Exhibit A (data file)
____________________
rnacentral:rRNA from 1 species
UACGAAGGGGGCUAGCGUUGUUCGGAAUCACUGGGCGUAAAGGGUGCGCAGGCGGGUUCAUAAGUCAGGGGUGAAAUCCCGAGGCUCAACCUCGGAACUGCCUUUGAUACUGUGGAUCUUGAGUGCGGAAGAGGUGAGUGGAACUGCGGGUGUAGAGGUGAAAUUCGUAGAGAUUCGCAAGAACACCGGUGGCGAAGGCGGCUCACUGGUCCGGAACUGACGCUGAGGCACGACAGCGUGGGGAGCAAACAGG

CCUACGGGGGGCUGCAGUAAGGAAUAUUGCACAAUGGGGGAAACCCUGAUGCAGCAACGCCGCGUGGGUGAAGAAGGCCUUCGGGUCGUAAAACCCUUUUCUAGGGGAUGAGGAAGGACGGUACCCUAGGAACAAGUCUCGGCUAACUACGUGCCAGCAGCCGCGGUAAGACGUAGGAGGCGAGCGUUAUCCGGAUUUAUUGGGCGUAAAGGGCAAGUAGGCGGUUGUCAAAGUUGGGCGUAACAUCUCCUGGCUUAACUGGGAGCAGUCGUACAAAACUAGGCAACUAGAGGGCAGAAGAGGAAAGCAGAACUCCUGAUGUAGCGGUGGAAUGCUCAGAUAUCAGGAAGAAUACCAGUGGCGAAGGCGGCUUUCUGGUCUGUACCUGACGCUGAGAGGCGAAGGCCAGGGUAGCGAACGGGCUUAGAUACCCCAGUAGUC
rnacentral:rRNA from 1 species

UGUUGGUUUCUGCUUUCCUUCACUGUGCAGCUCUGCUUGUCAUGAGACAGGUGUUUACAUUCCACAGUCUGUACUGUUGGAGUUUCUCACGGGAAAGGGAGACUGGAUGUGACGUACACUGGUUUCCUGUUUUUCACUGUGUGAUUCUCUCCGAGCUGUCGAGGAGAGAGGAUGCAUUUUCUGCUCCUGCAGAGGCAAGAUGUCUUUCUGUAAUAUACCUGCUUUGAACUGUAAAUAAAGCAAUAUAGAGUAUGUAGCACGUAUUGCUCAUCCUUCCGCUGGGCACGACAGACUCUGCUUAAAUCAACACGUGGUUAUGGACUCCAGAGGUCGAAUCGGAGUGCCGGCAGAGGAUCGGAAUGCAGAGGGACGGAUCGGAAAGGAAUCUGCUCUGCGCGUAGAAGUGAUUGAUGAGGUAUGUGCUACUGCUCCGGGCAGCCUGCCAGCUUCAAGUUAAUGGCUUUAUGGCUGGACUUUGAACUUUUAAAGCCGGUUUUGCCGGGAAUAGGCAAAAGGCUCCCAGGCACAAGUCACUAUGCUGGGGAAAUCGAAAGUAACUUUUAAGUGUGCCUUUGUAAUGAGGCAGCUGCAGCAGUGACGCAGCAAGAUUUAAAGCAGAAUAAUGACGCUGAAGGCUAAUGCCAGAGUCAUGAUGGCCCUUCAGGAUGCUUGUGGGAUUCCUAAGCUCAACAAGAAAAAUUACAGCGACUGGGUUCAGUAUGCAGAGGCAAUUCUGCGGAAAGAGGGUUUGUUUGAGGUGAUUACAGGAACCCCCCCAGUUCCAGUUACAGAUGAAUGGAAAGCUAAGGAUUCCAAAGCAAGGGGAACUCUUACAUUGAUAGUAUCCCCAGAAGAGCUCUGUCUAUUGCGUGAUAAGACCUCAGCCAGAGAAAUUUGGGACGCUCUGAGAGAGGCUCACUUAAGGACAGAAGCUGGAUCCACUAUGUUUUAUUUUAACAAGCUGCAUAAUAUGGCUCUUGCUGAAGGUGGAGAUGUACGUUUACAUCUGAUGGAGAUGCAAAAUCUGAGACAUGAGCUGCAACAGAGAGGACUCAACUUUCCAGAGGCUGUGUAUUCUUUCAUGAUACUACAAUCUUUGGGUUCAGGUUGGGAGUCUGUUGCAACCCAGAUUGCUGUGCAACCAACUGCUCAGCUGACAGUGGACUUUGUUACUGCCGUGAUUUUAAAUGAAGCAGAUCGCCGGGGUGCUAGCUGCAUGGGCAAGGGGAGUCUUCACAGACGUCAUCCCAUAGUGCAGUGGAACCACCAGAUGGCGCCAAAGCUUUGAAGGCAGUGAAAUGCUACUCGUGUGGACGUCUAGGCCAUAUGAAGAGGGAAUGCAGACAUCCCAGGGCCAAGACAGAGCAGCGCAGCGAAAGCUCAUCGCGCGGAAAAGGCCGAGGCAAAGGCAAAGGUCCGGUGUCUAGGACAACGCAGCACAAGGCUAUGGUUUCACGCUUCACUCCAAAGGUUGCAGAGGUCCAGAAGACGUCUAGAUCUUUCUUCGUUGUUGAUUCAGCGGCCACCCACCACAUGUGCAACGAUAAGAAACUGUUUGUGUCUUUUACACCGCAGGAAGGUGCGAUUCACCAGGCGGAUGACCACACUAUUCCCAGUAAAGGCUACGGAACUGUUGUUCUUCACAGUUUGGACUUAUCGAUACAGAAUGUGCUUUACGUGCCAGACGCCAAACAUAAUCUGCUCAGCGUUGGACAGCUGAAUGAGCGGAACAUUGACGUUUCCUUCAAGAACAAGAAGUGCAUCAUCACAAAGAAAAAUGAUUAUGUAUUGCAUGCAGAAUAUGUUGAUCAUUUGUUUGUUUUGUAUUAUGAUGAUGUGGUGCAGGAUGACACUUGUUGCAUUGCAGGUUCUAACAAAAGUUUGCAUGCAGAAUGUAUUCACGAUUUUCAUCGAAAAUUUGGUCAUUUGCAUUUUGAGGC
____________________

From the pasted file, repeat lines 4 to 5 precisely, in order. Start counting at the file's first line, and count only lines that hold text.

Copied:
rnacentral:rRNA from 1 species

UGUUGGUUUCUGCUUUCCUUCACUGUGCAGCUCUGCUUGUCAUGAGACAGGUGUUUACAUUCCACAGUCUGUACUGUUGGAGUUUCUCACGGGAAAGGGAGACUGGAUGUGACGUACACUGGUUUCCUGUUUUUCACUGUGUGAUUCUCUCCGAGCUGUCGAGGAGAGAGGAUGCAUUUUCUGCUCCUGCAGAGGCAAGAUGUCUUUCUGUAAUAUACCUGCUUUGAACUGUAAAUAAAGCAAUAUAGAGUAUGUAGCACGUAUUGCUCAUCCUUCCGCUGGGCACGACAGACUCUGCUUAAAUCAACACGUGGUUAUGGACUCCAGAGGUCGAAUCGGAGUGCCGGCAGAGGAUCGGAAUGCAGAGGGACGGAUCGGAAAGGAAUCUGCUCUGCGCGUAGAAGUGAUUGAUGAGGUAUGUGCUACUGCUCCGGGCAGCCUGCCAGCUUCAAGUUAAUGGCUUUAUGGCUGGACUUUGAACUUUUAAAGCCGGUUUUGCCGGGAAUAGGCAAAAGGCUCCCAGGCACAAGUCACUAUGCUGGGGAAAUCGAAAGUAACUUUUAAGUGUGCCUUUGUAAUGAGGCAGCUGCAGCAGUGACGCAGCAAGAUUUAAAGCAGAAUAAUGACGCUGAAGGCUAAUGCCAGAGUCAUGAUGGCCCUUCAGGAUGCUUGUGGGAUUCCUAAGCUCAACAAGAAAAAUUACAGCGACUGGGUUCAGUAUGCAGAGGCAAUUCUGCGGAAAGAGGGUUUGUUUGAGGUGAUUACAGGAACCCCCCCAGUUCCAGUUACAGAUGAAUGGAAAGCUAAGGAUUCCAAAGCAAGGGGAACUCUUACAUUGAUAGUAUCCCCAGAAGAGCUCUGUCUAUUGCGUGAUAAGACCUCAGCCAGAGAAAUUUGGGACGCUCUGAGAGAGGCUCACUUAAGGACAGAAGCUGGAUCCACUAUGUUUUAUUUUAACAAGCUGCAUAAUAUGGCUCUUGCUGAAGGUGGAGAUGUACGUUUACAUCUGAUGGAGAUGCAAAAUCUGAGACAUGAGCUGCAACAGAGAGGACUCAACUUUCCAGAGGCUGUGUAUUCUUUCAUGAUACUACAAUCUUUGGGUUCAGGUUGGGAGUCUGUUGCAACCCAGAUUGCUGUGCAACCAACUGCUCAGCUGACAGUGGACUUUGUUACUGCCGUGAUUUUAAAUGAAGCAGAUCGCCGGGGUGCUAGCUGCAUGGGCAAGGGGAGUCUUCACAGACGUCAUCCCAUAGUGCAGUGGAACCACCAGAUGGCGCCAAAGCUUUGAAGGCAGUGAAAUGCUACUCGUGUGGACGUCUAGGCCAUAUGAAGAGGGAAUGCAGACAUCCCAGGGCCAAGACAGAGCAGCGCAGCGAAAGCUCAUCGCGCGGAAAAGGCCGAGGCAAAGGCAAAGGUCCGGUGUCUAGGACAACGCAGCACAAGGCUAUGGUUUCACGCUUCACUCCAAAGGUUGCAGAGGUCCAGAAGACGUCUAGAUCUUUCUUCGUUGUUGAUUCAGCGGCCACCCACCACAUGUGCAACGAUAAGAAACUGUUUGUGUCUUUUACACCGCAGGAAGGUGCGAUUCACCAGGCGGAUGACCACACUAUUCCCAGUAAAGGCUACGGAACUGUUGUUCUUCACAGUUUGGACUUAUCGAUACAGAAUGUGCUUUACGUGCCAGACGCCAAACAUAAUCUGCUCAGCGUUGGACAGCUGAAUGAGCGGAACAUUGACGUUUCCUUCAAGAACAAGAAGUGCAUCAUCACAAAGAAAAAUGAUUAUGUAUUGCAUGCAGAAUAUGUUGAUCAUUUGUUUGUUUUGUAUUAUGAUGAUGUGGUGCAGGAUGACACUUGUUGCAUUGCAGGUUCUAACAAAAGUUUGCAUGCAGAAUGUAUUCACGAUUUUCAUCGAAAAUUUGGUCAUUUGCAUUUUGAGGC